When a married couple (or those in a civil partnership) separate one of the first things that a family lawyer will try to ascertain is the “relevant date”. So, what is the relevant date and why is it so important?
The law provides that the relevant date is whichever is the earliest:
- the date that the parties ceased to cohabit or
- the date of service of the summons in an action for divorce, or for the dissolution of the civil partnership.
It is highly unusual for a couple to continue to live together as husband and wife after the service of a summons for divorce and so, most usually, we must look at what date the couple ceased to cohabit. This is most commonly referred to as the date of separation.
The date of separation
The date of separation is the date that the couple stop living together as husband and wife or as civil partners. Often, there will be a discussion, disagreement or event on which the couple reach the conclusion that their relationship has come to an end. Perhaps one person leaves the family home at that time and lives elsewhere. Sometimes, however, it is more difficult to pinpoint the exact date of separation. A couple can remain living together and drift apart over weeks, months or even years.
How can the date of separation be determined?
The living arrangements of the couple are particularly important – whether they still share a bed and whether they cook, clean and generally look after one another. Also of importance is how they appear to friends and family – whether they still socialise and go out together as a couple. Lastly, it is relevant if and when friends and family were told that the relationship had come to an end (if indeed they had been told). It is sometimes difficult to agree the exact date of separation. One person will, from time to time, have a slightly different view than the other.
It is also not unheard of for couples to separate, reconcile and subsequently separate again. Helpfully, the law provides for that. What is relevant in a reconciliation situation is how long the couple were separated for and how long they reconciled for. No account will be taken of any period of separation and subsequent reconciliation unless the period of separation and reconciliation were both for more than 90 days. Romantic stuff!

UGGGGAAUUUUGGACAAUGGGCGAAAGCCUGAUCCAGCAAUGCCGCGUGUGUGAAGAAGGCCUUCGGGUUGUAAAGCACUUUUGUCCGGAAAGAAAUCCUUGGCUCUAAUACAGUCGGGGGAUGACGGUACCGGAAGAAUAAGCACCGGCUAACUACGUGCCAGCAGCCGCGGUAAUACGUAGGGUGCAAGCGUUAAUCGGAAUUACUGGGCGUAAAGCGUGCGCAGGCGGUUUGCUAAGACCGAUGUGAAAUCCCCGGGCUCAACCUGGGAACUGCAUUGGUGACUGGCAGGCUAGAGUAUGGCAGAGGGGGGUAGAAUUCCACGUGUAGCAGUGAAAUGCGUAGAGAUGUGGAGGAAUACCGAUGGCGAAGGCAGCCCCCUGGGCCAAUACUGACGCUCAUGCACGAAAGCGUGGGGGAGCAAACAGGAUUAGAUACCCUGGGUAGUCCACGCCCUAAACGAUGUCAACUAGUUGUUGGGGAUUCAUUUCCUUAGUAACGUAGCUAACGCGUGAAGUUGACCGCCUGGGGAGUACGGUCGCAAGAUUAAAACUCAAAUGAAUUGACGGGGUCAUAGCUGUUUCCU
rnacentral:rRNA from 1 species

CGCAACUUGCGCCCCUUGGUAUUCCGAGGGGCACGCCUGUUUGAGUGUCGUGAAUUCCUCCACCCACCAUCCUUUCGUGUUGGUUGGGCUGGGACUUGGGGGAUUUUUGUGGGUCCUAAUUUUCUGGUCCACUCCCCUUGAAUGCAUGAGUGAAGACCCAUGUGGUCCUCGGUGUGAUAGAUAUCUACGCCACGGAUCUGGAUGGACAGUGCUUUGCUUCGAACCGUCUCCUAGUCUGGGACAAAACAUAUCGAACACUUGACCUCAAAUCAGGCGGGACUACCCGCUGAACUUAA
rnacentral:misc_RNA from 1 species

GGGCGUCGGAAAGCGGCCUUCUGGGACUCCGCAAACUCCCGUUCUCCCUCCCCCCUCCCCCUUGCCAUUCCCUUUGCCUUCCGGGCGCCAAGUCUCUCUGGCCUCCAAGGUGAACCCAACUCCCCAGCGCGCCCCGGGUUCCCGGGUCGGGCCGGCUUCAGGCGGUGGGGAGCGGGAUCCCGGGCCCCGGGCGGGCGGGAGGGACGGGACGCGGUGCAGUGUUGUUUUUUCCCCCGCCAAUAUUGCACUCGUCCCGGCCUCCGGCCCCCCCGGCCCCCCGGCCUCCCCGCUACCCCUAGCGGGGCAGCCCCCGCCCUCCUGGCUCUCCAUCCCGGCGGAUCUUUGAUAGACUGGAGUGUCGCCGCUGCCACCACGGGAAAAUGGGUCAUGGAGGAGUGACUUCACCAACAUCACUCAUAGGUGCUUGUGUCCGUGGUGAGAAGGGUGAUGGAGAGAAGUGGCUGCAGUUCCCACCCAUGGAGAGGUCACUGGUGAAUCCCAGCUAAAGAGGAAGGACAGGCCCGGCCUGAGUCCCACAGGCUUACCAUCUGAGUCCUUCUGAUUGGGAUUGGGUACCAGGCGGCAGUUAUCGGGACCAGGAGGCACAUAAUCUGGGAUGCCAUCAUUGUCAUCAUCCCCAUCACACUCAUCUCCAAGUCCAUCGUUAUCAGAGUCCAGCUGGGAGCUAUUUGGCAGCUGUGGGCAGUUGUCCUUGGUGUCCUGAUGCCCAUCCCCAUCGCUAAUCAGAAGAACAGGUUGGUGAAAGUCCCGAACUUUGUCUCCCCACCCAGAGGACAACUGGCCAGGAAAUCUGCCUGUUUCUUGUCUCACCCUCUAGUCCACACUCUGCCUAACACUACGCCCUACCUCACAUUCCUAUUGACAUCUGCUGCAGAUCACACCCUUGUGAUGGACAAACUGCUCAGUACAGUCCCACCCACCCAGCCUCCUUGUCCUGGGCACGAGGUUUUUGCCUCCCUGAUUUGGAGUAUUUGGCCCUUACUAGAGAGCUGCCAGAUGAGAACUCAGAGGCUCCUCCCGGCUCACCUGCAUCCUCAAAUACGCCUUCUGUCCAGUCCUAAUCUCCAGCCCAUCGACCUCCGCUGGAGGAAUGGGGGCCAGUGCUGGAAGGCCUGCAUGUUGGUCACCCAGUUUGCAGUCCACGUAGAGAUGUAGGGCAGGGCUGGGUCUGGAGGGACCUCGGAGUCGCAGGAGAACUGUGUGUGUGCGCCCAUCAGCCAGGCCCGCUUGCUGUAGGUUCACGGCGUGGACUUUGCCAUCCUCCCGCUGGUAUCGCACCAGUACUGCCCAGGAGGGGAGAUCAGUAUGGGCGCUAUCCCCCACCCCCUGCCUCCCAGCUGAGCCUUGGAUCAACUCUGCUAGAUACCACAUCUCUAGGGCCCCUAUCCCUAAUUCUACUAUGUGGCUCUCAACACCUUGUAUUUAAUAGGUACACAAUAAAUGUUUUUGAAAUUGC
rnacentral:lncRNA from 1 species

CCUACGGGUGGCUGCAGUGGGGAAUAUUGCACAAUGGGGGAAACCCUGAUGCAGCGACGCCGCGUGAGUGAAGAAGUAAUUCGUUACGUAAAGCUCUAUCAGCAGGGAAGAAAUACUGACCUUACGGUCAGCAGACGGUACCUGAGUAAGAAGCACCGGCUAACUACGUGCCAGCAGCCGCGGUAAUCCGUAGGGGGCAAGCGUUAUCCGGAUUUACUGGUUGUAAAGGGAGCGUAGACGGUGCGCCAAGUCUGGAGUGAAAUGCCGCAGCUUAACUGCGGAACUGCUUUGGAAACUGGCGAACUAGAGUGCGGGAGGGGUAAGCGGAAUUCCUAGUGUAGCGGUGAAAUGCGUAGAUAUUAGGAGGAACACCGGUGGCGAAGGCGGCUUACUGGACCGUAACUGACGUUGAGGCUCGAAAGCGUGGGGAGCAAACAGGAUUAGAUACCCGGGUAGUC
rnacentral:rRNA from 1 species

Why is the date of separation so important?
Well, the date of separation is the date on which the matrimonial property is identified and valued.
What is matrimonial property?
Matrimonial property means the assets and liabilities acquired by the parties from their own income and efforts and in existence at the date of separation. (For completeness, gifts from third parties and items inherited are excluded from the definition of matrimonial property). So, the assets and liabilities in existence at the date of separation are what falls to be shared between the parties. One date or another could, therefore, be hugely significant. For example, what if one party wins the lottery or conversely, racks up lots of debt? It could very much be in one person’s interest to have an item included or indeed excluded from the matrimonial property.
Divorce and dissolution
Another reason why the date of separation is important is in considering when either person can apply to the court for divorce or dissolution. To obtain a divorce or dissolution in Scotland, the court has to be satisfied that the marriage or civil partnership has broken down irretrievably. The easiest way to prove that this is the case is for the parties to have been separated for one year and for them both to consent to the divorce or dissolution, or to have been separated for two years, in which case consent is not required.
The relevant date can make a significant difference, therefore, to when a couple can apply for divorce or dissolution. For some couples, this may not matter, but others may be keen to bring the relationship to a conclusion as swiftly as possible.
What if one person is paying financial support to the other?
A related issue which can be significant is if one person is paying financial support (aliment) to the other. Often, aliment is paid until divorce and so it can be in that person’s interest for divorce to be granted sooner rather than later.
What happens if agreement can’t be reached on the date of separation?
Often, my advice would be to look at the matrimonial property at both dates. There might not be any significant difference between the two dates, in which case it may not make all that much difference which date is used.
Another option might be to compromise and “meet in the middle.” That is often my advice when the sums are not huge – it can quickly cost more to argue about it than to compromise.
The last option would be to have a preliminary proof on the date of separation, or else appoint an arbitrator to make that determination. Both of these options are costly, and accordingly should be the last resort, taking into account the cost benefit and chances of success. In either instance, an award of expenses will likely be made against the unsuccessful side which is best avoided!
 The Family Law (Scotland) Act 1985 s.10
 As per the 1985 Act